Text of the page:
- The Washington Times - Monday, June 12, 2000

Leonard Hamilton will be the new coach of the Washington Wizards.

Hamilton has accepted the job, and his negotiations with the Wizards and president of basketball operations Michael Jordan is a "done deal," a league source said yesterday.

The official announcement is expected early this week, perhaps as soon as today, depending on Jordan's schedule.

Neither Jordan nor Hamilton, the coach at the University of Miami for the last 10 years, was available for comment yesterday.

The door was opened over the weekend for Hamilton to join the Wizards when he agreed to pay the university $1 million to let him escape his new seven-year contract, worth a minimum of $750,000 a year. Hamilton signed the contract extension in April. The university originally had asked for $2 million, which upset Hamilton.

The Washington Times has learned, however, that the Wizards might pay $500,000 of the buyout and Hamilton the balance.

With the Wizards, the 51-year-old Hamilton will sign a five-year contract, four of which are guaranteed, that will pay him $2 million a year. Incentive clauses potentially make the deal worth even more.

But this wasn't about money; Hamilton's package at Miami was close to what he will earn with the Wizards. And although Hamilton has said he has wanted to coach in the NBA, it was not a burning desire. What apparently clinched the deal was Jordan himself. Hamilton reportedly would not have accepted the job if not for Jordan's involvement with the Wizards.

Hamilton met with his players and talked to incoming recruits, and the reaction reportedly was positive.

This was not an act of impulse. Hamilton had been weighing the pros and cons, soliciting the advice of a few close friends, including some coaches. He told the Miami Herald on Saturday he has "wrestled with the decision all week."

According to a source familiar with the situation, Hamilton might have been more favorably inclined to remain at Miami if the school had not played hardball with him over the buyout.

Miami athletic director Paul Dee, who was involved in the buyout negotiations, told the Herald he expected Hamilton to leave.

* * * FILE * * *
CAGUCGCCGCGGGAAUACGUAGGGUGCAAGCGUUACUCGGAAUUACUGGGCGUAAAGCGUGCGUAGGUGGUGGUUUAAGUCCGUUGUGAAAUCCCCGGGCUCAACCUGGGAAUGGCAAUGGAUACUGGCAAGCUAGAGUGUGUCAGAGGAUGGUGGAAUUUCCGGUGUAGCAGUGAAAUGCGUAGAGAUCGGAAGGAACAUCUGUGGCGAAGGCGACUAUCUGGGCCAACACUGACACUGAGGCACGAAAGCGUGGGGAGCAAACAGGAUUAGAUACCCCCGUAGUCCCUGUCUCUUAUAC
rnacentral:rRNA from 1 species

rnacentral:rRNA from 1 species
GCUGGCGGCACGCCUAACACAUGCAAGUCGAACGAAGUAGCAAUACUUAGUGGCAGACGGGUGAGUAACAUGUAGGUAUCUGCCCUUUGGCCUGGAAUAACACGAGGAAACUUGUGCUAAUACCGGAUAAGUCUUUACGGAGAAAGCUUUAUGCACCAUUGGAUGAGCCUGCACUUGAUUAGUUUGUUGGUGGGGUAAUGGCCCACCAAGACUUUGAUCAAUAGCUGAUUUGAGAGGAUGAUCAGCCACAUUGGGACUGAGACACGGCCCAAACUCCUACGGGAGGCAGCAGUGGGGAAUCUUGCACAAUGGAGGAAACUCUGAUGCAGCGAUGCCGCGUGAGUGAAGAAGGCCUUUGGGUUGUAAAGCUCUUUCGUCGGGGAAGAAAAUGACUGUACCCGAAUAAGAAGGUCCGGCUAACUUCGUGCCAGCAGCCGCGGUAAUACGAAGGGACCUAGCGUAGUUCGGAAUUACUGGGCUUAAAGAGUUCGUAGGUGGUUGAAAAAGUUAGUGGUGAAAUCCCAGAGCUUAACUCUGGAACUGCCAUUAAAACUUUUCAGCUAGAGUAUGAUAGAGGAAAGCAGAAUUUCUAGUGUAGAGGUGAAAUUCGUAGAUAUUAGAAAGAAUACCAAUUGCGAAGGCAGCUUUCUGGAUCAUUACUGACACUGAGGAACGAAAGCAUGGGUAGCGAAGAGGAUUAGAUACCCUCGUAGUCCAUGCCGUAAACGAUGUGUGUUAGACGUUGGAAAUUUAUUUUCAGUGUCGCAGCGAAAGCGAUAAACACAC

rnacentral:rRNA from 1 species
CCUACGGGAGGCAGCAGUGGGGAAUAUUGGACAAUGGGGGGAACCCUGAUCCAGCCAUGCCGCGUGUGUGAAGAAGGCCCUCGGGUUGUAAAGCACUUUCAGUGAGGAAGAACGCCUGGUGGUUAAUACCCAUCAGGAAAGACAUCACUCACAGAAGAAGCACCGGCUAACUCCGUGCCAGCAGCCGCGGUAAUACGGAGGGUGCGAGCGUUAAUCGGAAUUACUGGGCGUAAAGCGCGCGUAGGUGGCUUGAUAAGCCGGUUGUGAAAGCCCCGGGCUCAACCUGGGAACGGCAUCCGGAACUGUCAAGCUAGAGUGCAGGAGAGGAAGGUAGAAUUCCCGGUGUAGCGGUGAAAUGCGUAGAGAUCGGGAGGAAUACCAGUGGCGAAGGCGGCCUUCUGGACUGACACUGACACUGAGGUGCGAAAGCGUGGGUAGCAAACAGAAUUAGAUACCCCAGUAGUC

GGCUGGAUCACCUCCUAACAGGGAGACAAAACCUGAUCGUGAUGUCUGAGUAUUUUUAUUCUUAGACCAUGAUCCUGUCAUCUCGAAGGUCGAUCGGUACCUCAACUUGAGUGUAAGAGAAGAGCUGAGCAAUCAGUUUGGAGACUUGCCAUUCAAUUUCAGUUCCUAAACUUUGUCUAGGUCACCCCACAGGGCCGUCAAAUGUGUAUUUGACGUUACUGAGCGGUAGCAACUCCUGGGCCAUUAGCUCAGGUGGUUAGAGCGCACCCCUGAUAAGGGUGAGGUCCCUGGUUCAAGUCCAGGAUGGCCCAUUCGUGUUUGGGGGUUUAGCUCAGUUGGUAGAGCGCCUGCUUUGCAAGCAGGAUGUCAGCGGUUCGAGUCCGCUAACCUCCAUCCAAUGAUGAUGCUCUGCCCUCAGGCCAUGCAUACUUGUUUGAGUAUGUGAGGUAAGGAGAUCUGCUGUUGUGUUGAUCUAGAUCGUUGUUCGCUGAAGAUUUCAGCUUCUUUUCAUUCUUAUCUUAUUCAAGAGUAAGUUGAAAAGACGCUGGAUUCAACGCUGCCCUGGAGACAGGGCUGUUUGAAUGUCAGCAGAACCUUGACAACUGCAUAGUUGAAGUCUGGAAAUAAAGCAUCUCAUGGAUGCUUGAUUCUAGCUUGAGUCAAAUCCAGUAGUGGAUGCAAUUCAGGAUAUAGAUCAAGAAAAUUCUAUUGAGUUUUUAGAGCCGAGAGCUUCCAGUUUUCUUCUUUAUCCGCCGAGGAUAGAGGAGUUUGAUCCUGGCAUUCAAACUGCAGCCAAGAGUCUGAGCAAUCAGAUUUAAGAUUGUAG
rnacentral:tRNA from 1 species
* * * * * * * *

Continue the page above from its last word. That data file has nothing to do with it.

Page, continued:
Referring to Jordan, Dee said, "When the personification of your sport calls and asks you to be his coach, it's hard to say no."

However, one who did say no was St. John's coach Mike Jarvis, who turned down the Wizards and Jordan when the parties could not agree on money. Jordan then turned to Hamilton, contacting him that same day.

The Wizards are coming off a miserable season during which the newly appointed Jordan fired first-year coach Gar Heard and replaced him with interim coach Darrell Walker, who subsequently took a front-office job.

Hamilton has a daunting task ahead of him. The Wizards went 29-53, and there is little hope for great change in the near future. Veterans Rod Strickland, Juwan Howard and Mitch Richmond all carry bloated salaries that make them difficult to trade because of the salary cap. And the upcoming draft will be of little help; the Wizards must wait until the 35th pick before making their selection.

Hamilton, however, is convinced he can make a difference. A two-time Big East Conference coach of the year, he virtually built the Miami program from scratch, turning a non-entity into a league power that reached the NCAA Tournament the last three years and the Sweet 16 last year. The team he put together for this season is expected to contend for the conference championship.

Once an assistant coach at Kentucky under Joe B. Hall, Hamilton was the coach at Oklahoma State for four years before coming to Miami in 1990, a year before the program joined the Big East. His career record was 144-147, but that's misleading. During his first four seasons, Miami went 34-80. In the last six, the record was 110-67, and interest in Hurricanes basketball grew to such an extent that plans for a new, on-campus arena are in the works.

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